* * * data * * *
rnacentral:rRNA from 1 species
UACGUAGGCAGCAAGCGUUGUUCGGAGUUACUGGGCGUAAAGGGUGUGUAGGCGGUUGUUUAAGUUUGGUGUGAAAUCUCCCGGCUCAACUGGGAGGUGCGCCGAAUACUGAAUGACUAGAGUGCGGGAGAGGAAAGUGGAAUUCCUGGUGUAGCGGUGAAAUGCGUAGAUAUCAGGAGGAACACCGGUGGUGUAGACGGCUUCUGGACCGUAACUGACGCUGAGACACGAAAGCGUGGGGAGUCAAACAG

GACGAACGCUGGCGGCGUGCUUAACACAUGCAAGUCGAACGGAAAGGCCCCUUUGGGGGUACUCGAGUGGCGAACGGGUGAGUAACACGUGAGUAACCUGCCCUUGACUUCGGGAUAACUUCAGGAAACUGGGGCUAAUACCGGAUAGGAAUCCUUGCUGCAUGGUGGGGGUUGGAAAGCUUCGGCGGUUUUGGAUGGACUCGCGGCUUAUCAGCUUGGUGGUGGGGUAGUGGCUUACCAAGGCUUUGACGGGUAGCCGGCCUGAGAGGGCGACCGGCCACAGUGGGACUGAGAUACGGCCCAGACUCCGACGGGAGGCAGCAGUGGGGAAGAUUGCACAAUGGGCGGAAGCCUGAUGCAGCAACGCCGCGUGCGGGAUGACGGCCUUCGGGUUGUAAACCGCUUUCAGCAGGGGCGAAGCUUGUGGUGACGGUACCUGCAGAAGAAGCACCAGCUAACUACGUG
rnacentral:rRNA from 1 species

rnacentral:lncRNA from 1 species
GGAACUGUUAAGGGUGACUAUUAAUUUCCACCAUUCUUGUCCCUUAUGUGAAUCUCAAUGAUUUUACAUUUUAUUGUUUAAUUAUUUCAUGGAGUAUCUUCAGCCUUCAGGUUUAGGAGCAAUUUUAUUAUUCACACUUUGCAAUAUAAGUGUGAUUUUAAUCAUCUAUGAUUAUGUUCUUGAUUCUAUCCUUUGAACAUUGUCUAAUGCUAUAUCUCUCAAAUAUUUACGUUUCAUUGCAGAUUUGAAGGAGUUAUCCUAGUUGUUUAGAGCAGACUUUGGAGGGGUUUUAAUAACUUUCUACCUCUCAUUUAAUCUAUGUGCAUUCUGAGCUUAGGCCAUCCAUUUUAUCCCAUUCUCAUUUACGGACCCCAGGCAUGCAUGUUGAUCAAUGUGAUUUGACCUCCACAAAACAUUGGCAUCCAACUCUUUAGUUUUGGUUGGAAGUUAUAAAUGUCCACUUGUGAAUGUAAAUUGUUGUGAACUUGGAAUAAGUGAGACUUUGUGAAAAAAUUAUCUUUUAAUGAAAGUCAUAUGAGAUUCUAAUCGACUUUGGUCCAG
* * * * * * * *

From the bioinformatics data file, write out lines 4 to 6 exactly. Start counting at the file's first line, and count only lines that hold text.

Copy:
rnacentral:rRNA from 1 species

rnacentral:lncRNA from 1 species
GGAACUGUUAAGGGUGACUAUUAAUUUCCACCAUUCUUGUCCCUUAUGUGAAUCUCAAUGAUUUUACAUUUUAUUGUUUAAUUAUUUCAUGGAGUAUCUUCAGCCUUCAGGUUUAGGAGCAAUUUUAUUAUUCACACUUUGCAAUAUAAGUGUGAUUUUAAUCAUCUAUGAUUAUGUUCUUGAUUCUAUCCUUUGAACAUUGUCUAAUGCUAUAUCUCUCAAAUAUUUACGUUUCAUUGCAGAUUUGAAGGAGUUAUCCUAGUUGUUUAGAGCAGACUUUGGAGGGGUUUUAAUAACUUUCUACCUCUCAUUUAAUCUAUGUGCAUUCUGAGCUUAGGCCAUCCAUUUUAUCCCAUUCUCAUUUACGGACCCCAGGCAUGCAUGUUGAUCAAUGUGAUUUGACCUCCACAAAACAUUGGCAUCCAACUCUUUAGUUUUGGUUGGAAGUUAUAAAUGUCCACUUGUGAAUGUAAAUUGUUGUGAACUUGGAAUAAGUGAGACUUUGUGAAAAAAUUAUCUUUUAAUGAAAGUCAUAUGAGAUUCUAAUCGACUUUGGUCCAG